President-Elect Trump Set to Debut Dream Team for Healthcare Reform
November 29, 2016
By Alex Keown, BioSpace.com Breaking News Staff
WASHINGTON – President-elect Donald Trump is set to shake up healthcare with his two latest appointments. The incoming president tapped Obamacare opponent U.S. Rep. Tim Price, a Georgia Republican, as his choice for Secretary of Health and Human Services.
Another appointment that will also shake up the healthcare system is Seema Verna, a healthcare consultant from Indiana and adviser to Vice President-elect Mike Pence during his tenure as governor of Indiana, who was tapped to helm the U.S. Centers for Medicare and Medicaid Services.
Both appointees will have to be approved by the Republican controlled U.S. Senate. If approved, which is likely, the duo will be able to implement any number of reforms to the nation’s healthcare system, which would in turn impact the pharma and biotech industries. Price, an orthopedic surgeon, and Verna, will likely begin looking at ways of dismantling and replacing the Affordable Care Act, more commonly known as Obamacare. Trump has pledged to repeal the program and replace it with something that gives states more control over Medicaid health plans. Verna was the architect of Health Indiana Plan, a consumer directed Medicaid program. Indiana’s plan required beneficiaries to make monthly contributions to health savings accounts, Reuters reported this morning. Trump has called for providing states with Medicaid block grants as part of his provision for repealing the Affordable Care Act.
So far, industry officials seem to believe that Trump will not mandate pricing controls, as Clinton proposed during her run-up to the campaign. Trump was not as vocal about capping prices, but has called for the federal government supported prescription programs to negotiate drug prices. He said such a maneuver could save up to $300 billion, annually.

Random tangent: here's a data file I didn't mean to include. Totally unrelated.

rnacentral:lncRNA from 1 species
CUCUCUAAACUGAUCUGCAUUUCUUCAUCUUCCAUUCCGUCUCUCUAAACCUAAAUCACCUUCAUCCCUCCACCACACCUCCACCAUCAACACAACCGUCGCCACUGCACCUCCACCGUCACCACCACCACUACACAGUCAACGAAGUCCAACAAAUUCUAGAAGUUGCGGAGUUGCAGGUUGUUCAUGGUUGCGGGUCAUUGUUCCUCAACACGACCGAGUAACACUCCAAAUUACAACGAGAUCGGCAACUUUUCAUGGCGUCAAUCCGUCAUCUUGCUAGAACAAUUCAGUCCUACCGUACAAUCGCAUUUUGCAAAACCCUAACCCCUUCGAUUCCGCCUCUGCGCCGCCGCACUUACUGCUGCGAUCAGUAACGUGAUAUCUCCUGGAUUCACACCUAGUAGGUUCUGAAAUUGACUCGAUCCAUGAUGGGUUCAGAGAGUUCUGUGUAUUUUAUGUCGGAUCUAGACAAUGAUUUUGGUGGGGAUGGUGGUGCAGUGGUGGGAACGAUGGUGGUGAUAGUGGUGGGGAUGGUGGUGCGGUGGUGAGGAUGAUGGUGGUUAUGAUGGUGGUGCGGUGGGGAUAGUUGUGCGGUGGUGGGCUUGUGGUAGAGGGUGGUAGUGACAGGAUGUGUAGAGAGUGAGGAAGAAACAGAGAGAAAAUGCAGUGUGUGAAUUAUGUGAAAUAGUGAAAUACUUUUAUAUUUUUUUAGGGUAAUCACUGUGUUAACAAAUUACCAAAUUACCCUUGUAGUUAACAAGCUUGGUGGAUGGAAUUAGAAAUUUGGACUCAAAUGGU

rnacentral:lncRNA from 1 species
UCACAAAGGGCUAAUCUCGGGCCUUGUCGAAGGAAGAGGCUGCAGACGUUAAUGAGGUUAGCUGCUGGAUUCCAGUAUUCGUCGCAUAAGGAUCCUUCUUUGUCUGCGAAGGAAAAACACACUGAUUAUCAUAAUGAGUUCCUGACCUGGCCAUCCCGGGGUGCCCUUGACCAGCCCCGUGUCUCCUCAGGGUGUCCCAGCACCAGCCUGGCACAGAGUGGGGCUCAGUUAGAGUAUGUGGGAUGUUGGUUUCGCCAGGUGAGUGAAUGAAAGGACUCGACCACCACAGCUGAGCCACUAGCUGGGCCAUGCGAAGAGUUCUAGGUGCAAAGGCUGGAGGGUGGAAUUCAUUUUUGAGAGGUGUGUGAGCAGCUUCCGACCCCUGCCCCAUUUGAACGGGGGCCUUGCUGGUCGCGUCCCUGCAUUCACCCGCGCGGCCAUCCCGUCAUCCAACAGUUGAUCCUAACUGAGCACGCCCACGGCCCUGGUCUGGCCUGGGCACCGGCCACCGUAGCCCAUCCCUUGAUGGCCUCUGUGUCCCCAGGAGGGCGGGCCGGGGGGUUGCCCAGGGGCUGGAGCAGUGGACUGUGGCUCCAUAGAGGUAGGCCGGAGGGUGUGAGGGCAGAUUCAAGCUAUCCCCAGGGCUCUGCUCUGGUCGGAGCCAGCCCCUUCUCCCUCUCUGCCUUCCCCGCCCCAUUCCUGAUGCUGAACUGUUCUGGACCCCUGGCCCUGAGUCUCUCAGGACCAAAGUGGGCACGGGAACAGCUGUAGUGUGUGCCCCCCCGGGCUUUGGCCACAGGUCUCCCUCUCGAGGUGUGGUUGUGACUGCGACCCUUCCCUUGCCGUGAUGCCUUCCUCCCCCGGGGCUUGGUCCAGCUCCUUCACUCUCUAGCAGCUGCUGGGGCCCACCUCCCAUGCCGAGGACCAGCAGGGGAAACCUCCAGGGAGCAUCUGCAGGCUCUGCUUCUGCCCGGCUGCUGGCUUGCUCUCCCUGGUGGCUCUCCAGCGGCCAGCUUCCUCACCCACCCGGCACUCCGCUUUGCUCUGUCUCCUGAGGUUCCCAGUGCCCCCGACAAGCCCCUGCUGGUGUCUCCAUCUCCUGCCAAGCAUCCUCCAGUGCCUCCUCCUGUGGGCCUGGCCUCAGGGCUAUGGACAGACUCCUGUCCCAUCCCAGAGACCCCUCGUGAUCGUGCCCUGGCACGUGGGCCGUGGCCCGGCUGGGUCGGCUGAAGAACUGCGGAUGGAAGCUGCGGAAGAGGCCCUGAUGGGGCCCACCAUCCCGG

Since Trump’s electoral victory, biotech stocks have performed well. There is also hope among industry leaders that Trump will implement changes to the U.S. Tax Code that will make it easier for companies to bring off-shore money back into the United States and we could be in for a resurgence of M&A activity.
Another way Trump could shake up healthcare is if he takes aim at dismantling or hamstringing the U.S. Food and Drug Administration. On the campaign trail, Trump called the FDA the “Food police,” regarding regulations placed on farmers and food inspections. But it’s not only food regulations that Trump could challenge. Trump has also challenged some of the FDA’s oversight of regulating drug approval. In his 100 Day Plan, Trump said one FDA-specific reform he intends to undertake is to “cut the red tape at the FDA.” According to Trump’s plan, there are “over 4,000 drugs awaiting approval, and we especially want to speed the approval of life-saving medications.” Trump has also called for easing restrictions for drugs that have been approved by foreign regulatory agencies to be available in the United States, which would bypass the FDA’s regulatory authority over drugs available in the U.S.
Trump takes office on Jan. 20.